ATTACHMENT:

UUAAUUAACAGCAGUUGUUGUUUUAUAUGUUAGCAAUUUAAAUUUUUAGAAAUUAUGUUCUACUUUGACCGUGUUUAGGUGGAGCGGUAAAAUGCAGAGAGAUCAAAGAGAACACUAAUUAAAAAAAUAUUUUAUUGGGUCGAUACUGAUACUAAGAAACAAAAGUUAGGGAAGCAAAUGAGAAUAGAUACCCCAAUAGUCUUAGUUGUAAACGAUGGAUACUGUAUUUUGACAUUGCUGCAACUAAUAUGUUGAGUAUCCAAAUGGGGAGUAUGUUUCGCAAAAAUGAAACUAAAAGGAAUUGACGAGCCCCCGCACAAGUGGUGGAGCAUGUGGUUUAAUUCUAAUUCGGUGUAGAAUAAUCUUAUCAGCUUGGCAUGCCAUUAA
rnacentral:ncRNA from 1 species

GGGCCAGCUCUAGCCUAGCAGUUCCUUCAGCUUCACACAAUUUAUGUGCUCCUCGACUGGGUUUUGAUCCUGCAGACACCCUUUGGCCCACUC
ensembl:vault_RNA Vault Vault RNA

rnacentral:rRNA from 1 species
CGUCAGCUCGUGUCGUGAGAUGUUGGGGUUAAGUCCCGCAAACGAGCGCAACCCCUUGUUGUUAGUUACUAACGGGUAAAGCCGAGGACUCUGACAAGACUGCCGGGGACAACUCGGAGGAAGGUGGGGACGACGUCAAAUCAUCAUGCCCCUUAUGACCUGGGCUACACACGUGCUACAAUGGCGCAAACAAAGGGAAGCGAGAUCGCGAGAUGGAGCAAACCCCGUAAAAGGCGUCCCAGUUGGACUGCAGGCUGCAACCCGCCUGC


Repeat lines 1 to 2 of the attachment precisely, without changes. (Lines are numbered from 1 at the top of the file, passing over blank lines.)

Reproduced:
UUAAUUAACAGCAGUUGUUGUUUUAUAUGUUAGCAAUUUAAAUUUUUAGAAAUUAUGUUCUACUUUGACCGUGUUUAGGUGGAGCGGUAAAAUGCAGAGAGAUCAAAGAGAACACUAAUUAAAAAAAUAUUUUAUUGGGUCGAUACUGAUACUAAGAAACAAAAGUUAGGGAAGCAAAUGAGAAUAGAUACCCCAAUAGUCUUAGUUGUAAACGAUGGAUACUGUAUUUUGACAUUGCUGCAACUAAUAUGUUGAGUAUCCAAAUGGGGAGUAUGUUUCGCAAAAAUGAAACUAAAAGGAAUUGACGAGCCCCCGCACAAGUGGUGGAGCAUGUGGUUUAAUUCUAAUUCGGUGUAGAAUAAUCUUAUCAGCUUGGCAUGCCAUUAA
rnacentral:ncRNA from 1 species